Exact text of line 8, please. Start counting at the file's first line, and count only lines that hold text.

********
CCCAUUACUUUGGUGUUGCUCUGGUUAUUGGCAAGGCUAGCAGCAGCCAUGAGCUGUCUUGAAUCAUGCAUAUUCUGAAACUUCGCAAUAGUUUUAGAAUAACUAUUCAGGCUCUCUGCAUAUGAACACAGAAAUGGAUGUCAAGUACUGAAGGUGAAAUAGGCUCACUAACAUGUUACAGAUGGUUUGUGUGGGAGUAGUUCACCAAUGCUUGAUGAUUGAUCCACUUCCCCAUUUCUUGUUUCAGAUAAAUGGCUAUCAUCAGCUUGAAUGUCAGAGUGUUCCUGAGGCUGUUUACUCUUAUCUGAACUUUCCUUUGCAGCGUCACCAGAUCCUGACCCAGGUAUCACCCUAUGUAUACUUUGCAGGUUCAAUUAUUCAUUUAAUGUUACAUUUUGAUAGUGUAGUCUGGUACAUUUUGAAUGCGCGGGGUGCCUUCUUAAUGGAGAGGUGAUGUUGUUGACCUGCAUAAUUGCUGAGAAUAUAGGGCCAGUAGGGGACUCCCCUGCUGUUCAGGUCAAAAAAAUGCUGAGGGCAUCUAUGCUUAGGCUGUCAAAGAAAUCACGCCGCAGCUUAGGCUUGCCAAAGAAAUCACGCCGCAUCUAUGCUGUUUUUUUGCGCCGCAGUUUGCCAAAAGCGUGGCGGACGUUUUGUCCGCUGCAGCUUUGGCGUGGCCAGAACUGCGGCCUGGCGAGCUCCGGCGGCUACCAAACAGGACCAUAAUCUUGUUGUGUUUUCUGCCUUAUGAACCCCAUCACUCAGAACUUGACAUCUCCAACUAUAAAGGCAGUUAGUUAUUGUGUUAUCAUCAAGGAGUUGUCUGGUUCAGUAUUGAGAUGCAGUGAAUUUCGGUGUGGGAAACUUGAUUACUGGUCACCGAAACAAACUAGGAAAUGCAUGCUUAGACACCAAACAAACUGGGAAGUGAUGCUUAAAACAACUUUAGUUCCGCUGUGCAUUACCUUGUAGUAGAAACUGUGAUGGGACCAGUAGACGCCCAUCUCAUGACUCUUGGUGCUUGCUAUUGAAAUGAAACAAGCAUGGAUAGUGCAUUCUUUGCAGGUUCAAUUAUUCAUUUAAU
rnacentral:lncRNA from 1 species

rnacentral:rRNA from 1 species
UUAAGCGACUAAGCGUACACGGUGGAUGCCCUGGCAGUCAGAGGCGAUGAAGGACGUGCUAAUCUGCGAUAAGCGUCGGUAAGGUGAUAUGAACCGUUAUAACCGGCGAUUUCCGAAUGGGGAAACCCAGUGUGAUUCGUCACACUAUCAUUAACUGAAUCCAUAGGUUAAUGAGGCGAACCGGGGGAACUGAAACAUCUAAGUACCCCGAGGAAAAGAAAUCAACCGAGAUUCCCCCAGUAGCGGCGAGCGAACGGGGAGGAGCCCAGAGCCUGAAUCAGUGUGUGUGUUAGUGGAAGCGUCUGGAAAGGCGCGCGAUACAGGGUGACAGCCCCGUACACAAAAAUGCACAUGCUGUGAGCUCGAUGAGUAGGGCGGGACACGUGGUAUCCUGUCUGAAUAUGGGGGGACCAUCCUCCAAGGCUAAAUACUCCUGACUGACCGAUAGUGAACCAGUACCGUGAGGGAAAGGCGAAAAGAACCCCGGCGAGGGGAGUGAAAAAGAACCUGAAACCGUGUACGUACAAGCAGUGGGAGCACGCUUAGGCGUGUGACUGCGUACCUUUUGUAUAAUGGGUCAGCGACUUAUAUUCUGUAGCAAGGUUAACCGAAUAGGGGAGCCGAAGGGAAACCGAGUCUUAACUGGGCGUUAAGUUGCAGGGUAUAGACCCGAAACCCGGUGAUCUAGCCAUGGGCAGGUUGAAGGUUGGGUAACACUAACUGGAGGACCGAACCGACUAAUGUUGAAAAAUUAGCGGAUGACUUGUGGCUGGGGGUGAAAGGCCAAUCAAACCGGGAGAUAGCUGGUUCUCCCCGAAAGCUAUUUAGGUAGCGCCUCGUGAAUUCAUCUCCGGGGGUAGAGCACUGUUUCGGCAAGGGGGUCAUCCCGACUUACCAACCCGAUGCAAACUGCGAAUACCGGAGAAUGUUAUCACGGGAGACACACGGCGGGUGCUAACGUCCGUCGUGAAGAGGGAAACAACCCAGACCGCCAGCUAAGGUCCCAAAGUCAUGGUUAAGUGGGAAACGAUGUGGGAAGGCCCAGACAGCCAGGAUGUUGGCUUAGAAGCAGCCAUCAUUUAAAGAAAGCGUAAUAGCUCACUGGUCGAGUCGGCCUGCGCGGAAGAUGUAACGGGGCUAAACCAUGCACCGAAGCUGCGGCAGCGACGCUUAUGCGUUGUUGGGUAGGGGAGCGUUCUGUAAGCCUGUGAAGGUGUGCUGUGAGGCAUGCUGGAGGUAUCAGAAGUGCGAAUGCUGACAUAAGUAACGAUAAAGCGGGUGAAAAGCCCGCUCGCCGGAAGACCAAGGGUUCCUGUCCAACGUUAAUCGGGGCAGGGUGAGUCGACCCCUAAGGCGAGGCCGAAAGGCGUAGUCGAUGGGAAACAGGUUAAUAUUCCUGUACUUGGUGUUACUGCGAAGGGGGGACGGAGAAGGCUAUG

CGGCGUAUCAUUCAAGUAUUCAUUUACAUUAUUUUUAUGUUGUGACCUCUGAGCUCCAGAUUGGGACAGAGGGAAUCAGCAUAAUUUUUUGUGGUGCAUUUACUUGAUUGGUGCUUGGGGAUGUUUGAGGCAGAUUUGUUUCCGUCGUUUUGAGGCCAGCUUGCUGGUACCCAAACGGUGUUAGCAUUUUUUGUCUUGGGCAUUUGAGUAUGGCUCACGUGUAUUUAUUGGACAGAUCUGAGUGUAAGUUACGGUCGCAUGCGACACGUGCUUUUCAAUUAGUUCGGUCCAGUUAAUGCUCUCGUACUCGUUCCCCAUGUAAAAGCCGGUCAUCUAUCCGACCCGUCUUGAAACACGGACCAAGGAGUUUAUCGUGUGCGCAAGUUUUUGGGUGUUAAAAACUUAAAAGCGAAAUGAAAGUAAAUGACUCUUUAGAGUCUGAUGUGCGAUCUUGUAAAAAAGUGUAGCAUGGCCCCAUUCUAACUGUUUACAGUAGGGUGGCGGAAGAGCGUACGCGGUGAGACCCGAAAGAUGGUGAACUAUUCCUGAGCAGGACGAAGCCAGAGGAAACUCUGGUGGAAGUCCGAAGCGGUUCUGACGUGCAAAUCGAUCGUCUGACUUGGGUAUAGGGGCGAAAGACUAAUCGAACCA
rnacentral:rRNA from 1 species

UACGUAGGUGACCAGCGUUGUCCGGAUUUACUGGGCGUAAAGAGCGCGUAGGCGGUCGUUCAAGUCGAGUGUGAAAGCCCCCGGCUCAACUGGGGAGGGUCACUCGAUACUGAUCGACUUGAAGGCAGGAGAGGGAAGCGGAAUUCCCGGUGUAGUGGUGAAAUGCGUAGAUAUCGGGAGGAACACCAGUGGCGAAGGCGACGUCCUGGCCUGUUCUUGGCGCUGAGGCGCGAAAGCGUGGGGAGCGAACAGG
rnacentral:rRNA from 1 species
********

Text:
rnacentral:rRNA from 1 species